Kenya’s anti-graft officials challenged the African Union to adopt alternative dispute resolution mechanisms and forge joint laws to embolden campaigns against corruption in the continent.
Eliud Wabukala, chairman of the Ethics and Anti-corruption commission (EACC), said the presence of a strong mutual legal assistance treaty (MLAT) among African countries will boost gathering and exchange of information regarding graft which will further enforce public and criminal laws in Africa.
“AU must step up the fight against graft by forming a legislation which can steer anti-corruption efforts and create requisite synergies and enhance joint efforts to combat corruption at the African level,” said Wabukala during commemoration of the third African Anti-corruption Day held in Nairobi.
He said the aim of the anti-graft body is to “prioritize high impact” cases, asset recovery, prevention of corruption and promotion of ethics and standards.
Wabukhala said it had become a challenge to fight corruption as a continent due to different stumbling blocks in different countries.
He called for review of the legal framework guiding public asset recovery to ensure that wealth declaration becomes a mandatory requirement for all state officers to enhance public confidence in public administration.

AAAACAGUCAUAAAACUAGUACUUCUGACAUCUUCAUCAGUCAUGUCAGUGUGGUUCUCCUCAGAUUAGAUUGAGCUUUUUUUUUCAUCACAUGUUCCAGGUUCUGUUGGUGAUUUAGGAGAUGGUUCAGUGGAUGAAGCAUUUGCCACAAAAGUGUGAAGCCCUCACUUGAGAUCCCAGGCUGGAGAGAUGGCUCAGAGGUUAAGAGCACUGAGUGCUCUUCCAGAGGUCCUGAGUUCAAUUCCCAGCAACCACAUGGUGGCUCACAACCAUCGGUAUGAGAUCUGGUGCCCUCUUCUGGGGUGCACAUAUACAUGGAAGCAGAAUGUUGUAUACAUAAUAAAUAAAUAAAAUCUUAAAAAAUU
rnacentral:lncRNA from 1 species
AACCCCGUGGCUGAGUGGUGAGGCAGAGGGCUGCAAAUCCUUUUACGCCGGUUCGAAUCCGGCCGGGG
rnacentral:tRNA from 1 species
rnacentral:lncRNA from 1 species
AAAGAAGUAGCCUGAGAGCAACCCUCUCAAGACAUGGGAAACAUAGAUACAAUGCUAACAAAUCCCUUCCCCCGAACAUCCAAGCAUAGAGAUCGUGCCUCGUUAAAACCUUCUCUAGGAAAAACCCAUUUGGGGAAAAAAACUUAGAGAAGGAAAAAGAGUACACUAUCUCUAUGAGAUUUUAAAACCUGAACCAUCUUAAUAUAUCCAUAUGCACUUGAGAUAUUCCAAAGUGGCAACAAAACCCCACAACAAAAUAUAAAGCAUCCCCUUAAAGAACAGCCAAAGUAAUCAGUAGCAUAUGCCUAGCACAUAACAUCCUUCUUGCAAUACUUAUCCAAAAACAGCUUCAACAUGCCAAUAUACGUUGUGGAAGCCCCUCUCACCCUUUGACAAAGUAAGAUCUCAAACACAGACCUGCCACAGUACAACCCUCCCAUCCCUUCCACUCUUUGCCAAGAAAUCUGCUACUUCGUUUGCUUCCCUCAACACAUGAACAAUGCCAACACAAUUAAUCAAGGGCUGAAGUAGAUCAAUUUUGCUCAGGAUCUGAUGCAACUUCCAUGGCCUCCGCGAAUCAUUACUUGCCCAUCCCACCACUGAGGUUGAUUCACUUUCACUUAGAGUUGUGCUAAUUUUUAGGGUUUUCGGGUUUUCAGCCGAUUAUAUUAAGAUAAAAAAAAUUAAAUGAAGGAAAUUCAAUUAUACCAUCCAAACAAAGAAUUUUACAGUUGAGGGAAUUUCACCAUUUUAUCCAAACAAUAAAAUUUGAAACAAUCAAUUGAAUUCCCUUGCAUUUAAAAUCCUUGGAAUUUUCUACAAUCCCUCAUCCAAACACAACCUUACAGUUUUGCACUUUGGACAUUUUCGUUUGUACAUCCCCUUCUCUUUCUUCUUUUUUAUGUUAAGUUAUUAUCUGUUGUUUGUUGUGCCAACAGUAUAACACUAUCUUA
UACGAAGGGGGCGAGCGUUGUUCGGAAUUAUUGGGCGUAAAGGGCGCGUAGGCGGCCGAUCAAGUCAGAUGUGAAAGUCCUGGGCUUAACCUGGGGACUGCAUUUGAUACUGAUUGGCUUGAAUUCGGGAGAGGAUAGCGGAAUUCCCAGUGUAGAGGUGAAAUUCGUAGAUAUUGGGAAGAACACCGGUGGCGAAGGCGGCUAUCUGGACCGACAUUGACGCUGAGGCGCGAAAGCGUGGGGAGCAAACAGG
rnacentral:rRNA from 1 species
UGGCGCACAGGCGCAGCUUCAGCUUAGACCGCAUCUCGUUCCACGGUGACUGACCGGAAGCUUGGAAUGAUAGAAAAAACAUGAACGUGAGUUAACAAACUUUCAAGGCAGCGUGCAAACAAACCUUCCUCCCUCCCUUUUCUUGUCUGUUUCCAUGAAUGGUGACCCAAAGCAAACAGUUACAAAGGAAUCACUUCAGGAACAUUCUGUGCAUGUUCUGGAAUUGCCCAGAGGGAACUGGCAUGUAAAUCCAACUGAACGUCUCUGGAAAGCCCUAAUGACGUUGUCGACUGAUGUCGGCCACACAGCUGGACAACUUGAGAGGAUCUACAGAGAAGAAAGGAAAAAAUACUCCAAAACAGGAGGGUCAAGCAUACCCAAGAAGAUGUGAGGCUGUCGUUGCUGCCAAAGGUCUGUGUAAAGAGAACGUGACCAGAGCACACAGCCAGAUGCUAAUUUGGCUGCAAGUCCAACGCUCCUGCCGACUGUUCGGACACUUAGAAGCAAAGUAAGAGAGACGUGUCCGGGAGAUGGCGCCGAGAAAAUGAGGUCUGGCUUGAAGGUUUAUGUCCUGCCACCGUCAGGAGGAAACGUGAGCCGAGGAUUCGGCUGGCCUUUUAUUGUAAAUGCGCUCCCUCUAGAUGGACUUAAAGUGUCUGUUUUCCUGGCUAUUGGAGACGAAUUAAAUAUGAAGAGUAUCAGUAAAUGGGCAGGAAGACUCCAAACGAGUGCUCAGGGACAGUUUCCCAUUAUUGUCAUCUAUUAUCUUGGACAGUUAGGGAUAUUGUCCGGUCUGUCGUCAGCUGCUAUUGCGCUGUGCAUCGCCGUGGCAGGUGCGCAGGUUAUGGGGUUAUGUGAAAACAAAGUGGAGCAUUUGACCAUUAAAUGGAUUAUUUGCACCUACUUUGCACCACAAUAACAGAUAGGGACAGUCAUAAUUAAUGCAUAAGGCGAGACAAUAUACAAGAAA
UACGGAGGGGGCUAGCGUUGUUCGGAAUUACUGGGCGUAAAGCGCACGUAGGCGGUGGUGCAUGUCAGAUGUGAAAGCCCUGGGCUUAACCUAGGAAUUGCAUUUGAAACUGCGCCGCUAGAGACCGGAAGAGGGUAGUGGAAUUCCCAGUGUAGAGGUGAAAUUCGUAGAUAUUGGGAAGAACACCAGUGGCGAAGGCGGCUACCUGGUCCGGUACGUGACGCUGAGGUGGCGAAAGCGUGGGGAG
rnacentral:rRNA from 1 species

“Declaration of income, assets and liabilities (DIALs) is a potent weapon against corruption and a useful tool for promotion of transparency, accountability and integrity,” he added.
Wabukhala further said the war against corruption required a multispectral approach, calling on the citizens and other non-state actors to take an active role in combating the vice.
Twalib Mbarak, EACC chief executive officer, urged the continent to advocate for alternative dispute resolution (ADR) mechanisms to fast track recovery of corruptly acquired public assets.
Mbarak noted there were tangible gains on using the ADR means in the past years as compared to long court processes saying the mechanism will make it easier to trace and recover the stolen assets.
“In the last four months, the Commission has recovered stolen assets worth approximately 2.7 billion shillings (27 million U.S. dollars) through ADR and ADR process compared to an average 15 million dollars annually in the last five years, he said.
If effectively implemented, it can support detection, monitoring and investigation into alleged corrupt conduct and tracing of illicitly acquired public assets, he added.
Mbarak noted that the commission had so far averted loss of 58 million dollars thanks to prior information about the plotted thefts, acknowledging massive support from the citizens and the media.